VANCOUVER — British Columbia's decades-long failure to rein in runaway health-care costs, while allowing waiting lists to grow longer means it's time to open the door to a hybrid public-private system, a court has heard.
Peter Gall, a lawyer representing both a group of patients and the Cambie Surgery Centre in Vancouver, told B.C. Supreme Court Tuesday that easing restrictions on private health care for medically necessary services would free up resources and shorten wait times by providing a "much-needed safety valve" for the public system.
Gall told Justice John Steeves at the opening of the trial that the government has consistently failed to provide British Columbians with timely access to treatment, which prolongs their suffering and harms their physical and mental health. This failure is a violation of patients' constitutional rights to prompt treatment, he added.
"The bottom line, beyond any dispute, is that wait lists are getting longer not shorter and that the government is doing worse in meeting its own targets and not better," Gall said, speaking before more than 100 people who had packed a Vancouver courtroom.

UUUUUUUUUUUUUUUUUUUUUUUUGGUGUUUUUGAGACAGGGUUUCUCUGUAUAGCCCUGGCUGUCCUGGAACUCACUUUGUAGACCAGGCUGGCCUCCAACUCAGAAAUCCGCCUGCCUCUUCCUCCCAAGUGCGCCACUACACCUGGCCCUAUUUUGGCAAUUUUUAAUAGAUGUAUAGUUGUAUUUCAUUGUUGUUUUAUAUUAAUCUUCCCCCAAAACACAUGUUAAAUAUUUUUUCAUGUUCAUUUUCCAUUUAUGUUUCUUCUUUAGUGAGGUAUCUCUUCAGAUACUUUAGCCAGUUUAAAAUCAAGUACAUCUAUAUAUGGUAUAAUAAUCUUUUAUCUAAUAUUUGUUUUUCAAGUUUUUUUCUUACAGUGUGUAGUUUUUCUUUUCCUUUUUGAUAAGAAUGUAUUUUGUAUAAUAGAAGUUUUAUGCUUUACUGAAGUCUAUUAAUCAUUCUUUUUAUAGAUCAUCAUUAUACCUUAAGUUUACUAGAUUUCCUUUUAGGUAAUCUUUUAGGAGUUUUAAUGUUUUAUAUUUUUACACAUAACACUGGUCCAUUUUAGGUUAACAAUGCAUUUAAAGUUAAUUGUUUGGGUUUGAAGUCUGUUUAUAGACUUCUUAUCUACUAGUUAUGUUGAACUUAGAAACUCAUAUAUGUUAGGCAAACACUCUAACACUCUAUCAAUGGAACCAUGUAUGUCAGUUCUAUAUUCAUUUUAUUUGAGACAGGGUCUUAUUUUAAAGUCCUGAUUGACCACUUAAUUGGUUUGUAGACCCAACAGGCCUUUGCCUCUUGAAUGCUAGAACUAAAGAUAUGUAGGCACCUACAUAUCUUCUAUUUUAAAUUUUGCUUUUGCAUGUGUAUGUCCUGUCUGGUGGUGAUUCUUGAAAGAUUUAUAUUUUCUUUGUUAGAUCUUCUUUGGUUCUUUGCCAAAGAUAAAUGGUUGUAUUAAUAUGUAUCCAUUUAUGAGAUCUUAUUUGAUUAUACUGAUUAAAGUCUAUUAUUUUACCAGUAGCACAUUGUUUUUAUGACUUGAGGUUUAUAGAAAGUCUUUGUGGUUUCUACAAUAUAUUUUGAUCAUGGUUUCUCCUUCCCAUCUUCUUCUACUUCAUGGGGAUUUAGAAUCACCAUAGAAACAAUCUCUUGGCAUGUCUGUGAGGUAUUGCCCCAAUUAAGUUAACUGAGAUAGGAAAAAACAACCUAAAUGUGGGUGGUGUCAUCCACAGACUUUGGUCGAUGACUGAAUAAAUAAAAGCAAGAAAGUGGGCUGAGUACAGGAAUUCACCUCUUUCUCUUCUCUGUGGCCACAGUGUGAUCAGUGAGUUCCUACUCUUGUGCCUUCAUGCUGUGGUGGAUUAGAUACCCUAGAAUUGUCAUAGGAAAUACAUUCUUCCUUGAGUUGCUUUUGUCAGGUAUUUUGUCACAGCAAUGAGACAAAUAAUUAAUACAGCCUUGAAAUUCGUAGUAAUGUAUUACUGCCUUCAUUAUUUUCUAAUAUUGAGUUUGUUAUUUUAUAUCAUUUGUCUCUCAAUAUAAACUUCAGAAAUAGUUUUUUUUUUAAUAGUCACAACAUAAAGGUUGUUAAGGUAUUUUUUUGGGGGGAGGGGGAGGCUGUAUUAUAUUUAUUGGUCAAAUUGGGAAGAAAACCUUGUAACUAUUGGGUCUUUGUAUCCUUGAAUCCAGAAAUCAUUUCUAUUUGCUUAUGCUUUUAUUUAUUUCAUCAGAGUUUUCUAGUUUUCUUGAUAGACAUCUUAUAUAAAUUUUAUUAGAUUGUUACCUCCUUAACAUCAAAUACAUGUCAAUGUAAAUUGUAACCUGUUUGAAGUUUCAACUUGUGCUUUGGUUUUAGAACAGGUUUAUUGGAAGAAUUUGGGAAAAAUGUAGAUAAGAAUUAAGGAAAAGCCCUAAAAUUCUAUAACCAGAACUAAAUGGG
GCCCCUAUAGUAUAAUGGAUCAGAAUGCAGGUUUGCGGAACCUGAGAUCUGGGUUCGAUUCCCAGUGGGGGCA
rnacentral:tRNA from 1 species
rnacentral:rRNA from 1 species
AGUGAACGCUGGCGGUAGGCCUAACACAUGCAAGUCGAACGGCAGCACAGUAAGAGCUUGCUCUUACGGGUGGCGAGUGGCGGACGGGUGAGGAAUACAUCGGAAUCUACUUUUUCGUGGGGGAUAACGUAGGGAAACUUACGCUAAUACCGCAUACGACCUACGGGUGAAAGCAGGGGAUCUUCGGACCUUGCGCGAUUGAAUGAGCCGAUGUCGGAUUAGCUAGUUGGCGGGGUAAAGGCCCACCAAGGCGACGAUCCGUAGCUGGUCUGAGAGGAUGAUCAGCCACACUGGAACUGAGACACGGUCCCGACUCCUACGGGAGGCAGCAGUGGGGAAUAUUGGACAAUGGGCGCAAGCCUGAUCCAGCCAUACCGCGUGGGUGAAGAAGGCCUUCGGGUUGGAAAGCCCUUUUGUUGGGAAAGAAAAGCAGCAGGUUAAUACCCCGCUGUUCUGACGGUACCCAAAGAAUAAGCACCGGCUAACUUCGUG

The lawsuit challenges the province's Medicare Protection Act, its prohibition on doctors operating in both the public and private system and its embargo on the purchase of private insurance for core medical services.
"The public system simply cannot meet the health-care needs of all British Columbians in a timely manner," Gall said.
"It's necessary for the health of all British Columbians that private financing and private support in provision of core health services be permitted."
Gall said the government's approach of rationing access to treatment as a means to reduce health-care costs, such as restricting operating times, wastes the expertise and availability of doctors who are already on hand and able to perform the procedures.
Dr. Brian Day, who launched the legal action and is medical director at the private surgery centre, has long campaigned for the introduction of a hybrid health-care model, which he says resembles the European systems that receive higher grades in international health-care rankings.
The BC Health Coalition and Canadian Doctors for Medicare, both interveners in the case, say Day's legal challenge could erase medicare as residents know it and create a two-tiered, U.S.-style health-care system.
The case is expected until at least February next year.
— Follow @gwomand on Twitter